Our representatives on the state and federal level are being lobbied and too easily bought by an industry that can’t unhook themselves from their addiction to oil, coal and gas.
The first Ban on Fracking was passed in Pittsburg, PA in 2010. It was the first ordinance in the US to include the Rights of Nature.
The Community Environmental Legal Defense Fund, CELDF, helped Pittsburg draft the ordinance and also helped Ecuador become the first nation in the world to incorporate the Rights of Nature in their constitution.
We have an opportunity as we update the Sebastopol General Plan, GP, to include the Rights of Nature in the GP, which is our town “constitution”.
For a copy of the Resolution contact: Sebastopol City Council @ 707 823 1153 online [http://ci.sebastopol.ca.us]
Link to The Community Environmental Legal Defense Fund: [CELDF.org]

Wednesday, May 14, 2014

Mt. Diablo native flowers in bloom after seasonal fire

"After inferno, Mt. Diablo bursts with long-hidden flowers; Diablo undergoes rebirth this spring following wildfire"

(05-14) 10:29 PDT DANVILLE -- Heath Bartosh trudged through the arid spread of blackened twigs, bare dirt and tiny spots of greenery that used to be a densely covered slope of brush on Mount Diablo - before last summer's inferno of a wildfire roared over it, that is. Suddenly he stopped. He let out a happy little cry.
"Ah, I've been looking for these!" he exclaimed, bending down to peer at two 8-inch green stalks poking out of the soil with tiny yellow flowers and spiky leaves. He plucked them, carefully pressed them between pieces of cardboard in his sample bag and labeled them: "blazing star."
Mark down one milestone for modern plant history.
The flower Bartosh picked was the first blazing star he'd seen in his study of the aftereffects of the sweeping 2013 Morgan Fire. That means it was the first time anyone has seen a blazing star on the East Bay's biggest mountain in almost 40 years.
The pretty little bloom is what is known as a "fire follower," a flower that grows only after an extra-hot wildfire has devastated a landscape. Such flowers need spring to start popping up - and that's just what is happening on the steep inclines of Mount Diablo right now.
For nature and flower lovers, the show is fascinating.

Blast of color -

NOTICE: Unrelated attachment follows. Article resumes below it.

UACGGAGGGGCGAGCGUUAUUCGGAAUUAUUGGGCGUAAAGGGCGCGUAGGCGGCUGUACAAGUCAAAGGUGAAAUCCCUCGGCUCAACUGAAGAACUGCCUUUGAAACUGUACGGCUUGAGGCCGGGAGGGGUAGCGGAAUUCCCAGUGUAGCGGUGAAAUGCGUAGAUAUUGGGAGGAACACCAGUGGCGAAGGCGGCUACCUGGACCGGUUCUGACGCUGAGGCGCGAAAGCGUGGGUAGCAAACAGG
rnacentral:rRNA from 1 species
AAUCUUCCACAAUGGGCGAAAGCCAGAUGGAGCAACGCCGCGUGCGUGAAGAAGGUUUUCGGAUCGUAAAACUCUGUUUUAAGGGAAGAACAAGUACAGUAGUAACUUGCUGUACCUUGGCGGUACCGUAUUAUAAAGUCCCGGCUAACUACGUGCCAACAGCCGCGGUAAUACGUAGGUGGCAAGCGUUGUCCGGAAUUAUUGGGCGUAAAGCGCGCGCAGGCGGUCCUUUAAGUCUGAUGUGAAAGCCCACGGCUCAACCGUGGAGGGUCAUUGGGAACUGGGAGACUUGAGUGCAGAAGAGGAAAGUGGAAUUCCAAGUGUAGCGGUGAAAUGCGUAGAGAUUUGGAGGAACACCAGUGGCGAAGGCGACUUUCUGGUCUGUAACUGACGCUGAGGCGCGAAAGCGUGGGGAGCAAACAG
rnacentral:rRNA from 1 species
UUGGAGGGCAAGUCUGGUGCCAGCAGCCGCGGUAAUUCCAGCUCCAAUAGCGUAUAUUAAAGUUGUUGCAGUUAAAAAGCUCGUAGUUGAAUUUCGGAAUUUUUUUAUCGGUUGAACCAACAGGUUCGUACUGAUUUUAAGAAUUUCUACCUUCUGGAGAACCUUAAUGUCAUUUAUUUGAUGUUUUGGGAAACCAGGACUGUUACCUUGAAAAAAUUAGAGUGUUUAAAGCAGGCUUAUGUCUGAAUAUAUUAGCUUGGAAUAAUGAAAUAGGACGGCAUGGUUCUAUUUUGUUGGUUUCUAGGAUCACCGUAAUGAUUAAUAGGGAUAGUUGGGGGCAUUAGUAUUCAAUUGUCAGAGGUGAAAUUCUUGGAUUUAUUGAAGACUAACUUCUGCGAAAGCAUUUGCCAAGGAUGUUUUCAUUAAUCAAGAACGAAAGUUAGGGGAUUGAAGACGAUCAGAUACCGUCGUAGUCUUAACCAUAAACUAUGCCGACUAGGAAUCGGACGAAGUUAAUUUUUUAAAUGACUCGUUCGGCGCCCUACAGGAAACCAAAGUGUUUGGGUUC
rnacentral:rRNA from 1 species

Anyone willing to haul at least halfway up Summit Road on the 3,849-foot mountain near Danville can find vibrant carpets of white, purple, orange, magenta and yellow that haven't been seen since the last big Mount Diablo fire, in 1977, and possibly not since the biggest one before that, in 1931.
The array, which can be seen just off the road in spots, includes the light-yellow-petal whispering bells, Brewer's red maids that actually are purple, and golden eardrops, a delicate little flower whose petals poke up like towers, then drop down like floppy ears.
It's a bit tougher to come across the fire poppy, whose golden petals are more crinkly than the California poppy, almost like papier-mache. Right now they're being found only in steep canyons on the eastern side of the mountain above Morgan Territory Road.
Botanist Heath Bartosh shows a fire poppy he picked along an eastern ridge of Mount Diablo, where vegetation is returning.

'Maximum overdrive' -
Get there fast to see them all, though.
The fire poppy disappears in about two weeks, and many of these flowers will be gone in a year. By two years, the fire followers show will be done, and they'll stay away until the next big blaze creates just the right amount of heat, smoke and ash to cause the flowers' dormant seeds to burst open once again.
"Right now on this mountain, what we are seeing is biodiversity in maximum overdrive," said Bartosh, 37, a senior botanist with Nomad Ecology of Martinez who is helping lead the main study of the mountain's postfire vegetation. "But it's a quick overdrive.
"These fire followers have this short niche in time, and then - boom - they're gone again for many years," Bartosh said. "I might not even be around next time my 9-year-old son, Joaquin, gets a chance to seem them again."
The Morgan Fire, sparked by target-shooting, charred 3,111 acres on the north and southeast slopes of the mountain. The last fire that hot and extensive happened in 1977, a blaze that chewed up 6,000 acres, but its aftereffects weren't studied much, Bartosh said.
To find good data on Mount Diablo's postfire flowers, scientists have to hark back to the 25,000-acre wildfire of 1931, the biggest in the mountain's history. Mary Bowerman, the late botanist who co-founded the environmental group Save Mount Diablo, extensively documented that conflagration and its effects on plant life.
For scientists, this study is the proverbial candy-store moment. Naturalists will be examining not just how flowers and trees bounce back, but how wild animals and insects react. They'll be picking over the data for years.
Already, they've noticed that ants are treating the fire flowers like an exotic new string of restaurants, swarming them for nibbles.
"This is an amazing opportunity," Bartosh said. "It's really getting into the heart of the mountain."
Bartosh's team, funded by a $5,000 state grant, will be closely tracking vegetation for at least two years. What they collect - and they have state permission to take whatever flowers they need - will be stored at the Jepson Herbaria at UC Berkeley, a plant library whose specimens date to John Muir's findings in the Sierra Nevada in the 1800s.
Golden eardrops are one of the rare flowers that are blooming on Mount Diablo in the wake of last year's devastating fire. (Photo: Lacy Atkins, SFC)

Open showcase -
Also studying the postfire mountain are three teams funded by $1,000 grants from Save Mount Diablo, where Bartosh is chairman of the science program.
Most of the burned area is chaparral, which consists of drought-resistant plants that usually grow so densely together the ground is obscured. The flames licked the surface virtually flat in many places, creating an open showcase spot for flowers usually hidden under brush - such as the rare Mount Diablo jewel flower and the Fremont's death camas lily, now sprouting in bigger, more visible numbers than have been seen in generations.